So goeth Tom Waits’ Come on up to the House, and so goeth our interactive Sunday playlist. We’re looking for songs about strange and intriguing places. They could be hotels, houses, islands, parks, churches, but there should be something mysterious about them, something that makes you want to explore them. Maybe they’re sheltering, maybe they’re scary, but they’re the stuff of local legend.

Pistachio crusted eggplant

Pistachio crusted eggplant

Wasn’t this a green meal? It’s a curry with chickpeas, red peppers and cherry tomatoes in a sweet spicy sauce of pistachios, baby spinach, and lots of basil. And I made thinly sliced crispy pistachio-crusted eggplant to go with it.

Here’s a link to your interactive playlist.
Continue reading

Curried chickpeas and cauliflower in spicy rich tomato sauce

Chickpea cauliflower curry

Chickpea cauliflower curry

I’ve been very fascinated by three words, lately, and I’m going to tell you why. These words are poignant, piquante, and pungent. Why do I love them? I love them because they teeter so wonderfully on the edge! They hover between senses, and they could evoke pleasure, pain, or some place that falls between the two! I love the way that, historically, they can be used to describe words, ideas, tastes, smells, expressions, or even hedgehog quills. They’re so keen and vibrant and cutting! According to my (shoddy) research, they all stem from a similar root. (I learned this while sitting on the couch next to Malcolm on a snowy evening, drinking a glass of wine and reading a dictionary. Honestly, what could be better than that?) They’re all the descendants of words that mean “to prick or to sting.” At one time, a piquant was a sharp object, like a hedgehog quill. From 1494, “The herichon…is…armyt…with spines thornys or pickandis.” And pungent described a sharp and pricking pain. From 1617, “The Vrine bloody, the Excrements purulent, and the Dolour pricking or pungent.” Each of these words also describes a flavor or smell that is sharp and piercing, sometimes pleasantly so, sometimes not. From The Canterbury Tales, “Wo was his cook but if his sauce were poynaunt and sharp.” Each word also describes ideas that are sharply or cleverly expressed. From 1661, “No author hat so pungent passages against the Pride and Covetousness of the Court of Rome.” Sometimes the effect of these words is painful or wounding. From 1651, “By some picquant words or argutenesse to put them into choler.” Piquant, pungent and poignant all describe something stimulating to the mind, feelings, or passions. From 1668, “That our Delights thereby may become more poinant and triumphant.” From Jane Eyre, “Besides, the eccentricity of the proceeding was piquant: I felt interested to see how he would go on.” From 1850, “Every amusement and all literature become more pungent.” But sometimes the emotion provoked is so strong as to become painful or unbearable, just as a scent or taste might be too sharp or spicy or sour to be palatable. From 1684, “Intolerably pungent grief and sorrow.” From 1728, “This final Answer threw the King of Portugal into the most poinant Despair.” Everything is connected! Words and ideas have flavor, scents stimulate the mind, emotions and tastes are so wonderfully provoking that it’s almost too much to bear! Mr. Rochester understood this, he describes falling in love with Jane, “…I was an intellectual epicure, and wished to prolong the gratification of making this novel and piquant acquaintance…” I love the idea of anything felt so strongly, both bitter and sweet, as life is, but fully tasted, fully explored, fully felt.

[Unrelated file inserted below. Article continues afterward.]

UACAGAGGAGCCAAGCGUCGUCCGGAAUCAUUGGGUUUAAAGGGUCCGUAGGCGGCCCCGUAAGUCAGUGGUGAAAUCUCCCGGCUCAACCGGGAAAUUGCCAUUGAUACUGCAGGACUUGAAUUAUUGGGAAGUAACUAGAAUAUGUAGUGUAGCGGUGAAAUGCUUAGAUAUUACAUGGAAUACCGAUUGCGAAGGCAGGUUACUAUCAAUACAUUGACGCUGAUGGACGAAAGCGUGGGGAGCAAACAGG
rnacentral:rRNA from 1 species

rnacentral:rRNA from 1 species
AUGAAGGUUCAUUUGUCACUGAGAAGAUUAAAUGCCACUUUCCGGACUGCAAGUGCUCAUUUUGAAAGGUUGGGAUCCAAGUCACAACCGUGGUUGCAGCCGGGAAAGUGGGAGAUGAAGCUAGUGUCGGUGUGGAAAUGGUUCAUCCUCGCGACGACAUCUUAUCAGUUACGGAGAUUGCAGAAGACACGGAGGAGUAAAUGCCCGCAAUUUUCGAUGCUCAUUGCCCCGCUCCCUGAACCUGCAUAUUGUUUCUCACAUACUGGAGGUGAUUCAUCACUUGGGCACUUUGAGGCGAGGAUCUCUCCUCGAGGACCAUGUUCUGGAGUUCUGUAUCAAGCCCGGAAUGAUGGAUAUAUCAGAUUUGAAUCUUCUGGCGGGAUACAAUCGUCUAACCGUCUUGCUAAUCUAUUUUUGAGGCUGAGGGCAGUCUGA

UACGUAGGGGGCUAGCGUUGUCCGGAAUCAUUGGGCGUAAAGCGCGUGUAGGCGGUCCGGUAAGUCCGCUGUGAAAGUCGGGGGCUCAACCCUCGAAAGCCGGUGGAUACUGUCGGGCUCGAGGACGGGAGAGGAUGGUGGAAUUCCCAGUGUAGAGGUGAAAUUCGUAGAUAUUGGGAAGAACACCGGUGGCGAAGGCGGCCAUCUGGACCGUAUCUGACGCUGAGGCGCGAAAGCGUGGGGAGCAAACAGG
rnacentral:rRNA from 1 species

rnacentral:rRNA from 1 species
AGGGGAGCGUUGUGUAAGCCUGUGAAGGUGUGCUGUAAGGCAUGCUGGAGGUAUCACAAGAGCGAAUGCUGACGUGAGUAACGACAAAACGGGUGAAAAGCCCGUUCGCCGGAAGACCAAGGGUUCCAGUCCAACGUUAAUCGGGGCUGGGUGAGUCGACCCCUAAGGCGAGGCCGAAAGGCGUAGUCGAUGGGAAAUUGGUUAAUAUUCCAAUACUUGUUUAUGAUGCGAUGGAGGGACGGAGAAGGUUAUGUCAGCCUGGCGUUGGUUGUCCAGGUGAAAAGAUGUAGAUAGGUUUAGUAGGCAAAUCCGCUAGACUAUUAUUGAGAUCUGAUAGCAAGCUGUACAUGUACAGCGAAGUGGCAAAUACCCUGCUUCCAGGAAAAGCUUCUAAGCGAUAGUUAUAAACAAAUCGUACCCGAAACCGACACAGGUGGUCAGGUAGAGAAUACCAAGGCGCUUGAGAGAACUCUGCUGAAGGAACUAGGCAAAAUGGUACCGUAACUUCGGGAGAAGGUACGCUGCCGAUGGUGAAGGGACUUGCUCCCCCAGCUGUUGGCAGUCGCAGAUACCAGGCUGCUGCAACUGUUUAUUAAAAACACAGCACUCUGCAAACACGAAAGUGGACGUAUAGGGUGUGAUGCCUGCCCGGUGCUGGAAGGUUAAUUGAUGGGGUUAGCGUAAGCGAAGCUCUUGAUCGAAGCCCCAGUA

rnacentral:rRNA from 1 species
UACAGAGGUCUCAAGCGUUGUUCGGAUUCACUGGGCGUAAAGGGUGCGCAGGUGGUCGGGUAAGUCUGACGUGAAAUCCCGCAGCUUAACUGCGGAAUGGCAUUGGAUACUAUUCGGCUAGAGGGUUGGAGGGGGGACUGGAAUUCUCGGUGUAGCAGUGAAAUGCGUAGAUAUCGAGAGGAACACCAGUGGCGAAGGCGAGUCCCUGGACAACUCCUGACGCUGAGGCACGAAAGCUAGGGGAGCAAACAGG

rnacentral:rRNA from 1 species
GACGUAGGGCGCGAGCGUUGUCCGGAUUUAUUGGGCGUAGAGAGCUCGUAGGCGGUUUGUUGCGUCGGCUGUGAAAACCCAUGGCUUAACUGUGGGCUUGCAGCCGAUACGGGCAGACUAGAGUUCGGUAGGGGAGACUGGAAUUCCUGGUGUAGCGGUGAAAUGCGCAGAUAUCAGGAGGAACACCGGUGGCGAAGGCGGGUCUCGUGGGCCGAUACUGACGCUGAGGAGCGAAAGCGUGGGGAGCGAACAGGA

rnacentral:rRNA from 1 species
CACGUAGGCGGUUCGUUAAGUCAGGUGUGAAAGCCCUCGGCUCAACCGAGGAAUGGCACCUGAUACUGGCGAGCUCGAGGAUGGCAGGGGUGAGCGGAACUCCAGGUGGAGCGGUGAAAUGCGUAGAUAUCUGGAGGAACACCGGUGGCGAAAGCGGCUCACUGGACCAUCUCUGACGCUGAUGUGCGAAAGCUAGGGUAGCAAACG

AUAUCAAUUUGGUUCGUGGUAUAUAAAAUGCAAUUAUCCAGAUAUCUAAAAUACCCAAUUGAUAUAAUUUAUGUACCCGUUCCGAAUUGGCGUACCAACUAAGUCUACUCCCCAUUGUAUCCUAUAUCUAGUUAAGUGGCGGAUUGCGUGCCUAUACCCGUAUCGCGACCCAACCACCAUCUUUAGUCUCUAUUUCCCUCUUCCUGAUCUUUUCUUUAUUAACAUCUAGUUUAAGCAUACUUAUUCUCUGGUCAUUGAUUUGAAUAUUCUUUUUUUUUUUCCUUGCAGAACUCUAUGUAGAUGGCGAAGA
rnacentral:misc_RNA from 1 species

And this was a piquant dish! It’s loosely based on an Indian Makhani recipe. Makhani means “with butter,” and this does have some butter and a little bit of cream, so it’s quite rich. But it also has tomatoes and spices to keep it lively. The cauliflower is roasted separately and added at the end, stirred in carefully because it’s delicate and flavorful.

Here are Jordi Savall and Christophe Coin playing St. Colombe’s poignant Les Pleurs.

Continue reading